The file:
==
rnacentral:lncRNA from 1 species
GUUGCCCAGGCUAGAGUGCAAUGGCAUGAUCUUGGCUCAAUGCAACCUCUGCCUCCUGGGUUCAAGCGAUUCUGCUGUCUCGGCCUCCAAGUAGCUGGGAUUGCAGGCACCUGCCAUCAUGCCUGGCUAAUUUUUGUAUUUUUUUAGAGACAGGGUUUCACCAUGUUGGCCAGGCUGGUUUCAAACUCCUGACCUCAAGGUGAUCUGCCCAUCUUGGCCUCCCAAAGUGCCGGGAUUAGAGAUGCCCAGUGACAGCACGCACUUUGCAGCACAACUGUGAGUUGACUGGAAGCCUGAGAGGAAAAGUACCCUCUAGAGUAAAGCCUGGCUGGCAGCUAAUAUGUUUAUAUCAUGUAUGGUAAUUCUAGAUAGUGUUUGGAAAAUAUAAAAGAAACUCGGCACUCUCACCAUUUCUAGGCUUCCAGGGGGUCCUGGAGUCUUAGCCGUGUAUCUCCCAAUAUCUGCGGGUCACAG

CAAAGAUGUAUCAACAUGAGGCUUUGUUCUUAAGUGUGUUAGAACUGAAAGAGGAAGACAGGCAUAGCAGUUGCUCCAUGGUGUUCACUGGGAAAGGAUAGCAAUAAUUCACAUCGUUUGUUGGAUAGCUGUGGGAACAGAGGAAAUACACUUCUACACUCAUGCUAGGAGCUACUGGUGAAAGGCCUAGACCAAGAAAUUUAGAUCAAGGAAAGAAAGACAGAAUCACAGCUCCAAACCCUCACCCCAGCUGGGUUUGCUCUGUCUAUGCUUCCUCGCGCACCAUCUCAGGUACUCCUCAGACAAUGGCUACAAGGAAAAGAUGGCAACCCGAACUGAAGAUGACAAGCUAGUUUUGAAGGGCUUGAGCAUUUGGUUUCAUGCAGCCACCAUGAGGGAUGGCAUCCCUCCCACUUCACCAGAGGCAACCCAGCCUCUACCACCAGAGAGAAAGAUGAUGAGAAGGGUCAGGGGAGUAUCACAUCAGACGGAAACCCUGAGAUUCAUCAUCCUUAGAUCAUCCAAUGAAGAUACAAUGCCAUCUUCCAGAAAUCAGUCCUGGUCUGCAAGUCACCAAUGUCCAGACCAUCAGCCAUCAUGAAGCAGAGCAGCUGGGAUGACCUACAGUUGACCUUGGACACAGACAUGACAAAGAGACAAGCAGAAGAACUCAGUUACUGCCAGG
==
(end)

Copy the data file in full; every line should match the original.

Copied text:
rnacentral:lncRNA from 1 species
GUUGCCCAGGCUAGAGUGCAAUGGCAUGAUCUUGGCUCAAUGCAACCUCUGCCUCCUGGGUUCAAGCGAUUCUGCUGUCUCGGCCUCCAAGUAGCUGGGAUUGCAGGCACCUGCCAUCAUGCCUGGCUAAUUUUUGUAUUUUUUUAGAGACAGGGUUUCACCAUGUUGGCCAGGCUGGUUUCAAACUCCUGACCUCAAGGUGAUCUGCCCAUCUUGGCCUCCCAAAGUGCCGGGAUUAGAGAUGCCCAGUGACAGCACGCACUUUGCAGCACAACUGUGAGUUGACUGGAAGCCUGAGAGGAAAAGUACCCUCUAGAGUAAAGCCUGGCUGGCAGCUAAUAUGUUUAUAUCAUGUAUGGUAAUUCUAGAUAGUGUUUGGAAAAUAUAAAAGAAACUCGGCACUCUCACCAUUUCUAGGCUUCCAGGGGGUCCUGGAGUCUUAGCCGUGUAUCUCCCAAUAUCUGCGGGUCACAG

CAAAGAUGUAUCAACAUGAGGCUUUGUUCUUAAGUGUGUUAGAACUGAAAGAGGAAGACAGGCAUAGCAGUUGCUCCAUGGUGUUCACUGGGAAAGGAUAGCAAUAAUUCACAUCGUUUGUUGGAUAGCUGUGGGAACAGAGGAAAUACACUUCUACACUCAUGCUAGGAGCUACUGGUGAAAGGCCUAGACCAAGAAAUUUAGAUCAAGGAAAGAAAGACAGAAUCACAGCUCCAAACCCUCACCCCAGCUGGGUUUGCUCUGUCUAUGCUUCCUCGCGCACCAUCUCAGGUACUCCUCAGACAAUGGCUACAAGGAAAAGAUGGCAACCCGAACUGAAGAUGACAAGCUAGUUUUGAAGGGCUUGAGCAUUUGGUUUCAUGCAGCCACCAUGAGGGAUGGCAUCCCUCCCACUUCACCAGAGGCAACCCAGCCUCUACCACCAGAGAGAAAGAUGAUGAGAAGGGUCAGGGGAGUAUCACAUCAGACGGAAACCCUGAGAUUCAUCAUCCUUAGAUCAUCCAAUGAAGAUACAAUGCCAUCUUCCAGAAAUCAGUCCUGGUCUGCAAGUCACCAAUGUCCAGACCAUCAGCCAUCAUGAAGCAGAGCAGCUGGGAUGACCUACAGUUGACCUUGGACACAGACAUGACAAAGAGACAAGCAGAAGAACUCAGUUACUGCCAGG